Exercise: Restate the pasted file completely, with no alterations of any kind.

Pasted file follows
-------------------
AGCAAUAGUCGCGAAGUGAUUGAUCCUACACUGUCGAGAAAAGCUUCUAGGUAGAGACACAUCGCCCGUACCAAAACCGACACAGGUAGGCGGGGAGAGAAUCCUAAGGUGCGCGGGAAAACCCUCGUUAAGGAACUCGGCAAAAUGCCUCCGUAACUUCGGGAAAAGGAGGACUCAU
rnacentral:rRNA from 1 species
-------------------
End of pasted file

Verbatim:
AGCAAUAGUCGCGAAGUGAUUGAUCCUACACUGUCGAGAAAAGCUUCUAGGUAGAGACACAUCGCCCGUACCAAAACCGACACAGGUAGGCGGGGAGAGAAUCCUAAGGUGCGCGGGAAAACCCUCGUUAAGGAACUCGGCAAAAUGCCUCCGUAACUUCGGGAAAAGGAGGACUCAU
rnacentral:rRNA from 1 species